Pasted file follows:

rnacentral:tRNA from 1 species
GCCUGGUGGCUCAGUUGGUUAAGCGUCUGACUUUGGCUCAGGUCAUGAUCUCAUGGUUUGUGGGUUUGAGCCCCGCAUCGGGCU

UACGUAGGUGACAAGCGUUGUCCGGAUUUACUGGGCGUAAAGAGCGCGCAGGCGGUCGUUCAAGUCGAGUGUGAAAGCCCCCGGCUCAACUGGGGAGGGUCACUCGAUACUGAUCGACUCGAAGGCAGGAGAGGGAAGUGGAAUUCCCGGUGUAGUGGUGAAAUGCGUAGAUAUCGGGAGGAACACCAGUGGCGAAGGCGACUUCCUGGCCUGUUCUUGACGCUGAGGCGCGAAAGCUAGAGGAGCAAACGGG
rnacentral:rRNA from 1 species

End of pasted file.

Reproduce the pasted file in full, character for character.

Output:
rnacentral:tRNA from 1 species
GCCUGGUGGCUCAGUUGGUUAAGCGUCUGACUUUGGCUCAGGUCAUGAUCUCAUGGUUUGUGGGUUUGAGCCCCGCAUCGGGCU

UACGUAGGUGACAAGCGUUGUCCGGAUUUACUGGGCGUAAAGAGCGCGCAGGCGGUCGUUCAAGUCGAGUGUGAAAGCCCCCGGCUCAACUGGGGAGGGUCACUCGAUACUGAUCGACUCGAAGGCAGGAGAGGGAAGUGGAAUUCCCGGUGUAGUGGUGAAAUGCGUAGAUAUCGGGAGGAACACCAGUGGCGAAGGCGACUUCCUGGCCUGUUCUUGACGCUGAGGCGCGAAAGCUAGAGGAGCAAACGGG
rnacentral:rRNA from 1 species